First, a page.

There is great power through planting in drifts. Sometimes as gardeners we are a bit tentative and plant in ones and twos and so our garden becomes a bit of a hotch potch. However, if we can be bold and plant in large groups and drifts, the effect can be very impressive.
Tips for Planting in Groups
- Even in small gardens don’t be shy to plant in large groups.
- The above photo is taken from Oxford Botanic Gardens and shows some purple ornamental onions flowering in May. This is a herbaceous border which focuses on large drifts of plants. At any one time, there may only be 1 or 2 plants in flower; but the theme creates an impressive display.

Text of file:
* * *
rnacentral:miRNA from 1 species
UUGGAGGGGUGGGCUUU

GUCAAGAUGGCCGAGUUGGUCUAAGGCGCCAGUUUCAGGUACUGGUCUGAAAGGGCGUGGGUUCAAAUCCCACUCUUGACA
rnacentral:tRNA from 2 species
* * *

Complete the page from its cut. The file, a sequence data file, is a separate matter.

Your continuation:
- Use groups of the same plant or of similar structure.
- The leaves on the group below show how planting for shape and texture can be just as important as colour.
Tips for Planting in Drifts.
- If you buy a large number of plants the average cost will be cheaper, you can benefit from economies of scale.
- Don’t just plant in regimented blocks and straight lines, allow the groups to merge into each other and plant in S shapes. This helps create a more natural look.
- Don’t just focus on the flowers but think of plants that provide all year round architectural interest.
- The top photo shows a planting scheme carefully chosen to concentrate on a particular colour theme. This creates a calming effect. It is good to have some aspect of the garden with these conservative planting rather than always focusing on bright colour.
- The photo below shows the use on one species, Primula candelabra, to provide the drifts unity and colour themes.